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Hoffmann, R. A wiki for the life sciences where authorship matters. Nature Genetics (2008)

A new NK1 receptor antagonist (CP-99,994) prevents the increase in tracheal vascular permeability produced by hypertonic saline.

The increase in tracheal vascular permeability evoked by hypertonic saline depends on capsaicin-sensitive sensory nerves, which contain substance P and other neuropeptides. The present study was performed to determine whether a novel, nonpeptide, selective antagonist of the NK1 tachykinin receptor CP-99,994, [(+)-(2S-3S)-3-(2-methoxybenzylamino)-2-phenylpiperidine], can prevent the effect of substance P, capsaicin and hypertonic saline on tracheal vascular permeability. CP-99,994 was also tested against a nonpeptide inflammatory mediator, platelet-activating factor (PAF), to assess the selectivity of its action. Anesthetized F-344 rats were injected with either substance P (5 micrograms/kg i.v.), capsaicin (100 micrograms/kg i.v.) or PAF (10 micrograms/kg i.v.), or were exposed to ultrasonically nebulized 3.6% NaCl. In each group, some of the rats were pretreated with CP-99,994 (1 to 4 mg/kg i.v.), and some with its vehicle (0.9% NaCl). Groups of rats injected with substance P or exposed to hypertonic saline were pretreated with the (2R, 3R)-enantiomer CP-100,263, [(-)-(2R-3R)-3-(2-methoxybenzylamino)-2-phenylpiperidine] (2 or 4 mg/kg i.v.). The magnitude of the increase in tracheal vascular permeability was measured by quantifying the extravasation of Evans blue dye. CP-99,994 prevented the increase in tracheal vascular permeability produced by inhalation of hypertonic saline, by substance P and by capsaicin, but did not prevent the effect of PAF. CP-100,263 did not affect substance P- and hypertonic saline-induced increase in vascular permeability. These results indicate that the NK1 receptor antagonist CP-99,994 produces stereoselective inhibition of neurogenic plasma extravasation evoked by inhalation of hypertonic saline.[1]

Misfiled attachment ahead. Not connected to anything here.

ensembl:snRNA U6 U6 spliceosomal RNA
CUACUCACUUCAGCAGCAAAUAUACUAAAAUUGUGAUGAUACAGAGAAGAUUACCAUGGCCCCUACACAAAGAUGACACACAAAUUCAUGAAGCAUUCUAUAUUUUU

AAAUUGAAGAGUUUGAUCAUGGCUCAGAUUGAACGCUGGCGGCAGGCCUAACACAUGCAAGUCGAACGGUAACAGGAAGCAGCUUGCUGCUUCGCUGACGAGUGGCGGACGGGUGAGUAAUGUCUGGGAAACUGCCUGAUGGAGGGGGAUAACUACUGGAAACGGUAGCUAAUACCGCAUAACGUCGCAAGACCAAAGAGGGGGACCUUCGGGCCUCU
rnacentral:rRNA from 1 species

1. A new NK1 receptor antagonist (CP-99,994) prevents the increase in tracheal vascular permeability produced by hypertonic saline. Piedimonte, G., Bertrand, C., Geppetti, P., Snider, R.M., Desai, M.C., Nadel, J.A. J. Pharmacol. Exp. Ther. (1993) [Pubmed]
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